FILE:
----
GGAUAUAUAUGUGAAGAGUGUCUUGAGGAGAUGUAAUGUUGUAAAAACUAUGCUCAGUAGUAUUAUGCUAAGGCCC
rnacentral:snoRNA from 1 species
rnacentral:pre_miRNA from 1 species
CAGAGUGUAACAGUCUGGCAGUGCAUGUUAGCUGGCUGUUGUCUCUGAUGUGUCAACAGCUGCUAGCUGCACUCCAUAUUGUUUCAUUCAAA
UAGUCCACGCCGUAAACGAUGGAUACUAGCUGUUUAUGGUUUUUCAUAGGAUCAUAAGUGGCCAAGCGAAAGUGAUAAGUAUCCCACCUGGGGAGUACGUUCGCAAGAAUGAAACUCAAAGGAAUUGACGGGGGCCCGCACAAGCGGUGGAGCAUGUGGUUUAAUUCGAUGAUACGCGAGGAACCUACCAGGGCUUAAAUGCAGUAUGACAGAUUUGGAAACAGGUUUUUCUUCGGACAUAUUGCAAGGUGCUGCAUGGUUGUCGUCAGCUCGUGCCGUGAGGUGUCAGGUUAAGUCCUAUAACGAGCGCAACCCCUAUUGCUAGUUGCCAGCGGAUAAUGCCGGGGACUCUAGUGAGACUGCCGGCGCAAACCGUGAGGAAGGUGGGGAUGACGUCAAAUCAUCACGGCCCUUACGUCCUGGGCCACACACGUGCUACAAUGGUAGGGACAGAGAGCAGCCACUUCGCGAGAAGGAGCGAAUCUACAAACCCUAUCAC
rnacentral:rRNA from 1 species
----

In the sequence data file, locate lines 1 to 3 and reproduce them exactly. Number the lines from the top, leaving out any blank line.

GGAUAUAUAUGUGAAGAGUGUCUUGAGGAGAUGUAAUGUUGUAAAAACUAUGCUCAGUAGUAUUAUGCUAAGGCCC
rnacentral:snoRNA from 1 species
rnacentral:pre_miRNA from 1 species